Developing strategies for sustainable management of landscapes requires research that bridges regionally important ecological and socioeconomic issues, and that aims to provide solutions to sustainability problems.We integrated Global Positioning Systems (GPS) telemetry and statistical modeling to quantify hierarchical spatial and temporal components of occurrence among greater sage-grouse (Centrocercus urophasianus; n ¼ 87), a species of conservation concern, with the larger goal of developing spatially-explicit guidance for conservation of important winter habitat in a Wyoming, USA landscape undergoing development for energy resources. The pattern of occurrence at the landscape level (secondorder) and within seasonal use areas (third-order) included selection for shrub vegetation with a prominent sagebrush (Artemisia spp.) component, and avoidance of rough terrain, mesic areas, and human activity. A change in resource selection behavior across the diel cycle was not an apparent component of the higherorder selection process; however, at the finer scale of investigation sage-grouse shifted behavior across the diel cycle in ways likely related to risk aversion or maintaining a favorable thermal environment (i.e., daytime- only avoidance of natural gas wells and night-time-only selection for taller shrubs). At both spatial scales there was considerably more variation among individuals in the sign of their association with anthropogenic features than with vegetation and terrain. The final spatially-explicit model, which depicted lower-order selection (local, patch-level, and seasonal use area) across the diel cycle constrained by selection processes at a higher order (second-order), validated well, offering specific guidance for managing human activity and sage-grouse conservation in the study area, and general guidance in developing sustainable landscape management strategies when animal occurrence reflects multiple spatial and temporal processes.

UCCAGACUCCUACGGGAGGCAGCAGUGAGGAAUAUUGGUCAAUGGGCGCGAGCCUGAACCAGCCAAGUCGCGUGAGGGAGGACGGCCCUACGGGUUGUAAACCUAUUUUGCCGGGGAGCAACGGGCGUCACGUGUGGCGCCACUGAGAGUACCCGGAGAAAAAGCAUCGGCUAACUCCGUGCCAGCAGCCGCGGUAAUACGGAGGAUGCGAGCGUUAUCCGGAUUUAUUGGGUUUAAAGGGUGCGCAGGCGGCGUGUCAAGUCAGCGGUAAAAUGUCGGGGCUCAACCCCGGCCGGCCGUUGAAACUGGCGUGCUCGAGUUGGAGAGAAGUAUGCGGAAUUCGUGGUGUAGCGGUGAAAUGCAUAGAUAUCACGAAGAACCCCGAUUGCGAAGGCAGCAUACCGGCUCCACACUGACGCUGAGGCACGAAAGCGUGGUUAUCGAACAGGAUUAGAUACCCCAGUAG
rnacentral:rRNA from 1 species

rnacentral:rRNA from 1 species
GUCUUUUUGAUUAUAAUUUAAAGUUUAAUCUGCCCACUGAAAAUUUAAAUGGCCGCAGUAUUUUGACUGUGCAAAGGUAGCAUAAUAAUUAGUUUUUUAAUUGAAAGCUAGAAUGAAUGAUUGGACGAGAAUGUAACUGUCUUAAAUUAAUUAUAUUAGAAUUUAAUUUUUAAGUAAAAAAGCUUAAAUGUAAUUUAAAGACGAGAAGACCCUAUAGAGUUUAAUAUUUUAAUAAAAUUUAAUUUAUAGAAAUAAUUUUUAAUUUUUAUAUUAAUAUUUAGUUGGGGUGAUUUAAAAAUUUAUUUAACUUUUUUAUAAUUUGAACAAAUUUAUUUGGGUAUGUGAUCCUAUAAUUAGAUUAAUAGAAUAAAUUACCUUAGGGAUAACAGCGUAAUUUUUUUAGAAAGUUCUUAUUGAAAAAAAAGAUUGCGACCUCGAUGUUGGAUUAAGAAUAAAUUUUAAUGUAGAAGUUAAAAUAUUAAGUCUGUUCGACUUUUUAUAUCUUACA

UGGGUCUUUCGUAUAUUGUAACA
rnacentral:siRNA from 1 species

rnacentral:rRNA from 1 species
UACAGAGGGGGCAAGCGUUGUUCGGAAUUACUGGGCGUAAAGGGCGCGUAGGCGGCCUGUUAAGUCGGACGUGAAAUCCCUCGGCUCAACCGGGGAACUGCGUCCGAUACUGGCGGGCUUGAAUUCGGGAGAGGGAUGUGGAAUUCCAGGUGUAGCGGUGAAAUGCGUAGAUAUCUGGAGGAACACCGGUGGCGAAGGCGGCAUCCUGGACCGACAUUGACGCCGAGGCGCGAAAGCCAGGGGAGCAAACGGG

Authors